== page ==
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Torah Tuesdays with Hennie Black- Parshat Beshalach



Parshat Beshalach tells the story of the Jewish people’s taste for freedom after more than 200 hundreds years of slavery. They cross the Reed Sea, witness the most amazing miracles, and have complete belief and awe of G-d—at least for a short while.

Unfortunately, in spite of the open miracles, their faith falters once again. In the desert, they suffer thirst and hunger and repeatedly complain to Moshe and Aaron that they would have been better off remaining as slaves in Egypt.

Arriving to a place called Marah, the Jewish people, parched and disgruntled, finally find water after travelling for three long days. Their excitement is short-lived, however, as the Torah explains that “they could not drink the waters of Marah because they were bitter.”

Moshe is told by G-d to “sweeten the water” by throwing a tree into the water, which would miraculously sweeten it. Why a tree? Did the tree have inherent miraculous power? Or could the same have been accomplished had Moshe thrown in a rock?

G-d specifically chose a tree because it is a living thing. A tree is a part of nature that grows and dies. It blossoms, rejuvenates, and decays. It goes through processes and stages, depending on the elements around it. It never stays the same, always changing, always evolving.

The message conveyed by the tree is this: when all looks futile and bleak, desolate and dead, rebirth, renewal and rejuvenation are always possibilities. The takeaway is that the Jewish people that should not give up; the situation can turn around. Things may be challenging and hard but G-d is with them.

This lesson is conveyed in the upcoming holiday of Tu B’Shvat, the new year for the trees.  We celebrate the new year for the trees in the dead of winter when the branches are bare and cold. 

Wouldn’t it make more sense to celebrate the trees when they are blossoming and producing fruit? Actually, no. Because it is at this time of the year that the sap starts to rise within the tree. Even though the tree may look bare from the outside, inside the tree things are happening. Tu B’Shvat reminds us of the possibilities that grow within all of us and the process of rejuvenation.

Looking at a more homiletic approach to understanding the word “bitter,” the Kotzker Rebbe teaches us that this word can be understood to describe the Jewish people, rather than the water.

In essence, the rebbe is imparting a cautionary message, saying, “G-d can perform miracles for you. He can provide you with all your needs, but, at the end of the day, how you receive it depends on you. If you are bitter, everything will look negative and bad, no matter what the reality.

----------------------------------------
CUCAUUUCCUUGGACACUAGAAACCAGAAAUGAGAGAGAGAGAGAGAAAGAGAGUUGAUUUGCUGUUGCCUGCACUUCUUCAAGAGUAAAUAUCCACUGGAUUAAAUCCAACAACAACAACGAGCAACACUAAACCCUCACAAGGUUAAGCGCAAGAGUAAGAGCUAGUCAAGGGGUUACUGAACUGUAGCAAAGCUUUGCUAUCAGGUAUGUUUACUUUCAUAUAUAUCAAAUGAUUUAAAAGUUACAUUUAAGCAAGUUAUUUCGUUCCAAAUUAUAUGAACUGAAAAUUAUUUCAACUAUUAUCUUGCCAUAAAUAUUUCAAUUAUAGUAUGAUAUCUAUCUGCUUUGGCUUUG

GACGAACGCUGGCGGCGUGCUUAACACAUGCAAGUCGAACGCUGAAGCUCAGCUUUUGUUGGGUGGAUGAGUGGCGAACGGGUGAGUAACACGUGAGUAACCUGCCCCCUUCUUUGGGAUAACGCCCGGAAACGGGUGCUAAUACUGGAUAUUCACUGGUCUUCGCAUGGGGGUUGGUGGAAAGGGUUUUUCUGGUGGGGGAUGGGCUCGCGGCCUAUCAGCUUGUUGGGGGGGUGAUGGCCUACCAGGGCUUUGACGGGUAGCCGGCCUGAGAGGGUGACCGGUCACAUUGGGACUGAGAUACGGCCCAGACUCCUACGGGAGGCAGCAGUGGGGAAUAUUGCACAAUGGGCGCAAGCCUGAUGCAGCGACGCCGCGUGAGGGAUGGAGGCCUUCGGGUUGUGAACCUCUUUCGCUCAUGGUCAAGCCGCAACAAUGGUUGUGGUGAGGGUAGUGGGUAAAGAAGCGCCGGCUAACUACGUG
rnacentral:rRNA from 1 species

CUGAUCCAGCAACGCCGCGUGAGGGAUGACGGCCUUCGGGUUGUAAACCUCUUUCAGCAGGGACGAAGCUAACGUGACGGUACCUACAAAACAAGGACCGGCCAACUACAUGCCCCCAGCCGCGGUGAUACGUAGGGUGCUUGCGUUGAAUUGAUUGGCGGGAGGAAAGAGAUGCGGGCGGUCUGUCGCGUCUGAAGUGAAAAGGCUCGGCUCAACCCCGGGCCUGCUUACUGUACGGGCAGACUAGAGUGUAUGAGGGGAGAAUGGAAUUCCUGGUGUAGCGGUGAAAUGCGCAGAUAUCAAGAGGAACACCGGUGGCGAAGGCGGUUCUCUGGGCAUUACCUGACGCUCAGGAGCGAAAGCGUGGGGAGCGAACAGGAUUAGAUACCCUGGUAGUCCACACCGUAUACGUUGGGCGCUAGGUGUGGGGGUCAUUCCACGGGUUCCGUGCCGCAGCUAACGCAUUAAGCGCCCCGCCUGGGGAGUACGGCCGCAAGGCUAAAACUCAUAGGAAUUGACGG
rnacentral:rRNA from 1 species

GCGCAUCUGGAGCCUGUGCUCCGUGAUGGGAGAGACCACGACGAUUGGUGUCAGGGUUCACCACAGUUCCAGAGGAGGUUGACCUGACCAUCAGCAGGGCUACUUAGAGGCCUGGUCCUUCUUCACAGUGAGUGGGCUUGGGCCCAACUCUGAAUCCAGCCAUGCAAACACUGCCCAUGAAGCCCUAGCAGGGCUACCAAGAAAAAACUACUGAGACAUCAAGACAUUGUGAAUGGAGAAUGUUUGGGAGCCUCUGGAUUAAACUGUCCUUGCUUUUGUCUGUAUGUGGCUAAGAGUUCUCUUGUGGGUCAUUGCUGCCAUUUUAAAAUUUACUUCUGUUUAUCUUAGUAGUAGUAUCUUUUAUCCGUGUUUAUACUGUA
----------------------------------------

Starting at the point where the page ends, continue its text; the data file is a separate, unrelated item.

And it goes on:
Perception is reality. Two people will look at the same glass; some see it half empty; some half full.  Some see roses; some see thorns. What we see determines how we experience the world—whether we experience fulfillment or misery; satisfaction or deprivation.

There is a well-known story that highlights the power of perception. There was a man, who, facing a great deal of hardship, sought advice from his rebbe to help him cope with his life.

The rabbi told him to meet Reb Zushe of Anipoli. He would be able to teach this man how to see things in a positive light. The man traveled to Reb Zushe’s house and was shocked to discover that the rebbe lived in a dilapidated little shack.  He knocked on the door and Reb Zushe opened it with a warm and welcoming smile.

The ceiling was leaking; there was little to no furniture; there was no heat, and Reb Zushe was dressed in rags. The man turned to Reb Zushe and asked him to teach him how to live life with a positive attitude.

Reb Zushe answered, “How can I teach you to accept hardships easily? For that you must go to someone that is experiencing hardships. I have everything I need, so it’s easy for me to feel gratitude and see everything in a positive light.”

We all have our ups and downs, good days and challenging days. But when we are down and bitter, we must take a step back and ask ourselves, “Is it life that is so bitter, or are we bitter?” Sweetness doesn’t happen to us, it happens because of us. It requires a shift in our mindset, an intentional focus on what is good in our life.

May we all enjoy the sweetness of our lives. Shabbat Shalom.

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